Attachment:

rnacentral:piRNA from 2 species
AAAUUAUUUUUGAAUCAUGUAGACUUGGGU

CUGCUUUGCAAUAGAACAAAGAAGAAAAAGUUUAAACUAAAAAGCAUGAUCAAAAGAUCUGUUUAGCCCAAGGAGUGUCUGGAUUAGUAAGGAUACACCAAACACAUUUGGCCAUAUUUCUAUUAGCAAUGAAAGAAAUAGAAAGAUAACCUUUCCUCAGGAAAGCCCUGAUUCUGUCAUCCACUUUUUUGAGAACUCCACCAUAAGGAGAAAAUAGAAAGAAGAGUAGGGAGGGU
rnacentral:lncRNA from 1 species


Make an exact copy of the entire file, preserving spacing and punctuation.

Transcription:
rnacentral:piRNA from 2 species
AAAUUAUUUUUGAAUCAUGUAGACUUGGGU

CUGCUUUGCAAUAGAACAAAGAAGAAAAAGUUUAAACUAAAAAGCAUGAUCAAAAGAUCUGUUUAGCCCAAGGAGUGUCUGGAUUAGUAAGGAUACACCAAACACAUUUGGCCAUAUUUCUAUUAGCAAUGAAAGAAAUAGAAAGAUAACCUUUCCUCAGGAAAGCCCUGAUUCUGUCAUCCACUUUUUUGAGAACUCCACCAUAAGGAGAAAAUAGAAAGAAGAGUAGGGAGGGU
rnacentral:lncRNA from 1 species